Recent retreat experience

General discussion of issues related to Theravada Meditation, e.g. meditation postures, developing a regular sitting practice, skillfully relating to difficulties and hindrances, etc.
User avatar
Goofaholix
Posts: 2125
Joined: Sun Nov 15, 2009 3:49 am
Location: New Zealand

Re: Recent retreat experience

Postby Goofaholix » Sun Jan 22, 2012 4:55 am

mikenz66 wrote:Sure, complacency is a good description of the problem. However I tend to think of laziness as the result of complacency. And in terms of action (or not...) "lazy" is the opposite to "effort", which is what needs to be applied.


If you were truly lazy you'd be at home with your feet up watching coronation street.

I don't think anyone who can do mahasi style practice 10+ hours sitting and walking over several weeks or days could really be considered lazy, however despite that level of effort being applied in a sustained way I've found myself that I can get complacent.

It's not a lack of effort, I can put forth quite sustained effort on retreat, it's the forgetting that each and every moment is precious and worthy of renewed attention.

So it's not so much the effort it's how we're applying the effort that is important I think, wrong effort can be just as unconducive as no effort.
"Right effort is effort with wisdom. Because where there is wisdom, there is interest. The desire to know something is wisdom at work. Being mindful is not difficult. But it’s difficult to be continuously aware. For that you need right effort. But it does not require a great deal of energy. It’s relaxed perseverance in reminding yourself to be aware. When you are aware, wisdom unfolds naturally, and there is still more interest." - Sayadaw U Tejaniya

User avatar
mikenz66
Posts: 11482
Joined: Sat Jan 10, 2009 7:37 am
Location: New Zealand

Re: Recent retreat experience

Postby mikenz66 » Sun Jan 22, 2012 5:48 am

Hi Goofaholix, You make some very good points here.
Goofaholix wrote:If you were truly lazy you'd be at home with your feet up watching coronation street.

:shock:
Goofaholix wrote:I don't think anyone who can do mahasi style practice 10+ hours sitting and walking over several weeks or days could really be considered lazy, however despite that level of effort being applied in a sustained way I've found myself that I can get complacent.

I guess you're right. I did think you were just being picky about the English terminology (and as you know, being picky about English tends to be a bit pointless in a Thai context where sometimes you're lucky to get any at all...)

So what you say here is quite correct:
Goofaholix wrote:It's not a lack of effort, I can put forth quite sustained effort on retreat, it's the forgetting that each and every moment is precious and worthy of renewed attention.

And, I might add, in my case the choice to apply just sufficient effort in a way that gives enough concentration to be reasonably comfortable, i.e. the wrong effort of your next sentence:
Goofaholix wrote:So it's not so much the effort it's how we're applying the effort that is important I think, wrong effort can be just as unconducive as no effort.

Thank you very much for your really helpful comments!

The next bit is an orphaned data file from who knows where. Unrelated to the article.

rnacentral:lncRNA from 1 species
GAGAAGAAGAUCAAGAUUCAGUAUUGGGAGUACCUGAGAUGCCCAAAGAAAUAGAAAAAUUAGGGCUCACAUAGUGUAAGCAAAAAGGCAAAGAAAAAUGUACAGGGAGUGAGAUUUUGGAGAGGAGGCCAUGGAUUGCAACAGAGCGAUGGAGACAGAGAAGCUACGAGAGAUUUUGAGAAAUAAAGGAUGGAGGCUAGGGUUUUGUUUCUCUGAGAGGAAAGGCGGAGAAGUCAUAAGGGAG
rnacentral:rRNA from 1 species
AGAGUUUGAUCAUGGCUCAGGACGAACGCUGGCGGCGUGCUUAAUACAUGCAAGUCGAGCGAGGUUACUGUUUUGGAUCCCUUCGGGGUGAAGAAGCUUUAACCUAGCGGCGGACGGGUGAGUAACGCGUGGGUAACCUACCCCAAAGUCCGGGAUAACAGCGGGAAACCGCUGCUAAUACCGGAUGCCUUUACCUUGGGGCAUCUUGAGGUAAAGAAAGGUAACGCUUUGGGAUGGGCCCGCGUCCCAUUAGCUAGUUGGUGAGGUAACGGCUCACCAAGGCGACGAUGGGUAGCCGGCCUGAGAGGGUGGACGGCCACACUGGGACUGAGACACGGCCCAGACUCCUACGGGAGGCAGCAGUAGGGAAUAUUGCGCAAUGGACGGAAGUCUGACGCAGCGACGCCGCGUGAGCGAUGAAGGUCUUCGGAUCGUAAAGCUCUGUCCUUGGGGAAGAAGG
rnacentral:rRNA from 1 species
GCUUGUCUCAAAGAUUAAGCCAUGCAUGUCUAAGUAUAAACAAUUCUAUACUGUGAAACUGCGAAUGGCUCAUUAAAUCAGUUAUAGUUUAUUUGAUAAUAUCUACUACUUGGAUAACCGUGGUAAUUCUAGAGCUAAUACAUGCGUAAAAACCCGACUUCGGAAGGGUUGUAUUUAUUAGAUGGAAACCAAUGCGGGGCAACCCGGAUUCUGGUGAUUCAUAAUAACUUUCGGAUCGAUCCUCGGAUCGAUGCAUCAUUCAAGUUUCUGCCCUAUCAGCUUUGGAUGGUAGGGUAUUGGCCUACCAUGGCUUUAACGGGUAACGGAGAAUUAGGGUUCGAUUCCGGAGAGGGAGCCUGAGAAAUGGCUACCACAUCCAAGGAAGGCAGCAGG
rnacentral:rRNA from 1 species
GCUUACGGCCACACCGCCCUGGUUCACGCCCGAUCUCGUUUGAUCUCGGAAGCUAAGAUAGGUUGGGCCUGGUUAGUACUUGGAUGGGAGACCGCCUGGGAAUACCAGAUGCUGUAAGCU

:anjali:
Mike

User avatar
retrofuturist
Posts: 15236
Joined: Tue Dec 30, 2008 9:52 pm
Location: Melbourne, Australia
Contact:

Re: Recent retreat experience

Postby retrofuturist » Sun Jan 22, 2012 7:12 am

Greetings Mike,

Sounds like it was a productive retreat then.

:thumbsup:

Metta,
Retro. :)
"We should not congratulate someone on the success of their misdeeds, but on the contrary should endeavour to advise him or her to lead a more skilful and wholesome life. If such advice is ignored then we can only give up and let go" - Phra Panyapatipo

User avatar
amtross
Posts: 39
Joined: Mon Sep 26, 2011 7:39 pm

Re: Recent retreat experience

Postby amtross » Sun Jan 22, 2012 6:55 pm

When I was hiking the appelachian trail (from GA to ME), there was a saying: "Never stop at a shelter while its raining if you want to go any further that day". When you're hiking in the rain, it usually isn't that bad but once you get in a comfortable spot it's almost impossible to talk yourself into going back out into the rain. I think the practice can be like this...

User avatar
mikenz66
Posts: 11482
Joined: Sat Jan 10, 2009 7:37 am
Location: New Zealand

Re: Recent retreat experience

Postby mikenz66 » Sun Jan 22, 2012 7:18 pm

Beautiful simile Amtross... :heart:

:anjali:
Mike

carlosm
Posts: 34
Joined: Mon Nov 28, 2011 1:25 pm

Re: Recent retreat experience

Postby carlosm » Sun Jan 22, 2012 8:28 pm

Thanks mikenz66 for this post, really gave me a lot to think about. I also suffer a bit form complacence, and I'm just at the beginning of the practice, I spend a lot of time in calm states instead in put effort in going forward in the path.
:anjali:

User avatar
David N. Snyder
Site Admin
Posts: 8585
Joined: Tue Dec 30, 2008 4:15 am
Location: Las Vegas, Nevada
Contact:

Re: Recent retreat experience

Postby David N. Snyder » Sun Jan 22, 2012 9:01 pm

I agree with the other posters; that it sounds like a productive retreat. I am sure we all have to go through many a retreat like that to get closer to our goal(s).

"The journey of a thousand miles begins with one step." Chinese proverb

The blind sea turtle similie

User avatar
mikenz66
Posts: 11482
Joined: Sat Jan 10, 2009 7:37 am
Location: New Zealand

Re: Recent retreat experience

Postby mikenz66 » Sun Jan 22, 2012 9:23 pm

Thanks all. I've learned to accept over the years that just learning one little thing from a retreat is progress...

:anjali:
Mike


Return to “Theravada Meditation”

Who is online

Users browsing this forum: No registered users and 4 guests

Google Saffron, Theravada Search Engine